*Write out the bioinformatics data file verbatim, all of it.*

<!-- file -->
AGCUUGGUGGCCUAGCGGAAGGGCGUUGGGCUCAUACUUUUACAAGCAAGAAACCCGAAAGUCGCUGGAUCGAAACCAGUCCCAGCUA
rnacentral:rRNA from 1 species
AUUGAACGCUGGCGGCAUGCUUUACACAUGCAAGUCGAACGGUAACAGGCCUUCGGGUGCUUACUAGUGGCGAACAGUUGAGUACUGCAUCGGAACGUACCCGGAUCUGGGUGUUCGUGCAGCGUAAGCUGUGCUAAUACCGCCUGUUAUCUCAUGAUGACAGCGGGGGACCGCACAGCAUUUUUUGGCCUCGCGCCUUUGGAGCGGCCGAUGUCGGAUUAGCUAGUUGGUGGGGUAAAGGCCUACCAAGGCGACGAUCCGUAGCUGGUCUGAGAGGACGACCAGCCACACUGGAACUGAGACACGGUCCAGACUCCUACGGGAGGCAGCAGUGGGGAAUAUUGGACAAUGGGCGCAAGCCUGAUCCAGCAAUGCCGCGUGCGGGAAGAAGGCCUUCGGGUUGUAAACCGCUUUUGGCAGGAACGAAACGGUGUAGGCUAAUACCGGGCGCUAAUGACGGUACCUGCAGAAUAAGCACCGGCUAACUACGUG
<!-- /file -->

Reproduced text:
AGCUUGGUGGCCUAGCGGAAGGGCGUUGGGCUCAUACUUUUACAAGCAAGAAACCCGAAAGUCGCUGGAUCGAAACCAGUCCCAGCUA
rnacentral:rRNA from 1 species
AUUGAACGCUGGCGGCAUGCUUUACACAUGCAAGUCGAACGGUAACAGGCCUUCGGGUGCUUACUAGUGGCGAACAGUUGAGUACUGCAUCGGAACGUACCCGGAUCUGGGUGUUCGUGCAGCGUAAGCUGUGCUAAUACCGCCUGUUAUCUCAUGAUGACAGCGGGGGACCGCACAGCAUUUUUUGGCCUCGCGCCUUUGGAGCGGCCGAUGUCGGAUUAGCUAGUUGGUGGGGUAAAGGCCUACCAAGGCGACGAUCCGUAGCUGGUCUGAGAGGACGACCAGCCACACUGGAACUGAGACACGGUCCAGACUCCUACGGGAGGCAGCAGUGGGGAAUAUUGGACAAUGGGCGCAAGCCUGAUCCAGCAAUGCCGCGUGCGGGAAGAAGGCCUUCGGGUUGUAAACCGCUUUUGGCAGGAACGAAACGGUGUAGGCUAAUACCGGGCGCUAAUGACGGUACCUGCAGAAUAAGCACCGGCUAACUACGUG